- If you’re interested in a specific color, you might be out of luck unless you can gather up enough leftovers of appropriate color.
- There is the possibility of creating new colors by mixing differently-colored pieces, or even introducing colorant into the process somehow. But we suspect you’d be hard-pressed to consistently deliver the exact same shade.
- Your leftover ABS pieces may or may not have come from previous prints. In fact, any old ABS could theoretically be used. This means you may not have providence on the material and it could contain toxic elements, potentially causing nasties.
Fabbaloo friend Joris Peels has written an extensive interview with Marek Senický, whose new venture, Filamaker, promises to shake up the filament industry.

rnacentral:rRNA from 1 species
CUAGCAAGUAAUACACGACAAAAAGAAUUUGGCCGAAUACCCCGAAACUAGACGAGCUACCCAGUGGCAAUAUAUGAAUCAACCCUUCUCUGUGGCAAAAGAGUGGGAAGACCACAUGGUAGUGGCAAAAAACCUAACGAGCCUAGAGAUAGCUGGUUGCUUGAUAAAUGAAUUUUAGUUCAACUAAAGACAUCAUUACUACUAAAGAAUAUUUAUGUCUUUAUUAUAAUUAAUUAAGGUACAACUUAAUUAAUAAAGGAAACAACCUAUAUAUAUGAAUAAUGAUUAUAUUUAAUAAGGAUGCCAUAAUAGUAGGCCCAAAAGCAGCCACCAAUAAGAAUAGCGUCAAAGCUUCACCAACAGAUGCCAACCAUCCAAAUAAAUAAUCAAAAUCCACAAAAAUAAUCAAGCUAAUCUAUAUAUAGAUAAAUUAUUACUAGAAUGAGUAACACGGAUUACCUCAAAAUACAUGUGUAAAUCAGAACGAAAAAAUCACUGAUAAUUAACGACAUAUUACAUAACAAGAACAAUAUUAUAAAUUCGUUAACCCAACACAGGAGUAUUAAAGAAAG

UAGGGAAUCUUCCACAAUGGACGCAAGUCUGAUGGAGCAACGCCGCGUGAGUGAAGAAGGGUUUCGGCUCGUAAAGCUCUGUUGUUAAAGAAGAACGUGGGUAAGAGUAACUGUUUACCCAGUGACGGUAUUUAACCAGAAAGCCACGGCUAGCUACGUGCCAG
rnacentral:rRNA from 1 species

The Filamaker is a device that can recycle unwanted ABS 3D prints. It’s not a complex device; it simply grinds up chunks of ABS, heats and extrudes it into precision filament. You can see how the process works in this short video.
The USD$500 device is not yet available, as Senický is still developing a kit for future sales on Indiegogo. However, he did show off a prototype at the Rome Makerfaire, attracting significant interest from those wishing to avoid paying USD$50 for colorful 1kg spools of plastic filament.
We think this is a way that could make 3D printing even more green, but there could be challenges:
Nevertheless, if you happen to have a metric ton of half-completed 3D prints – and who doesn’t? – then you might consider looking for this item when it comes available.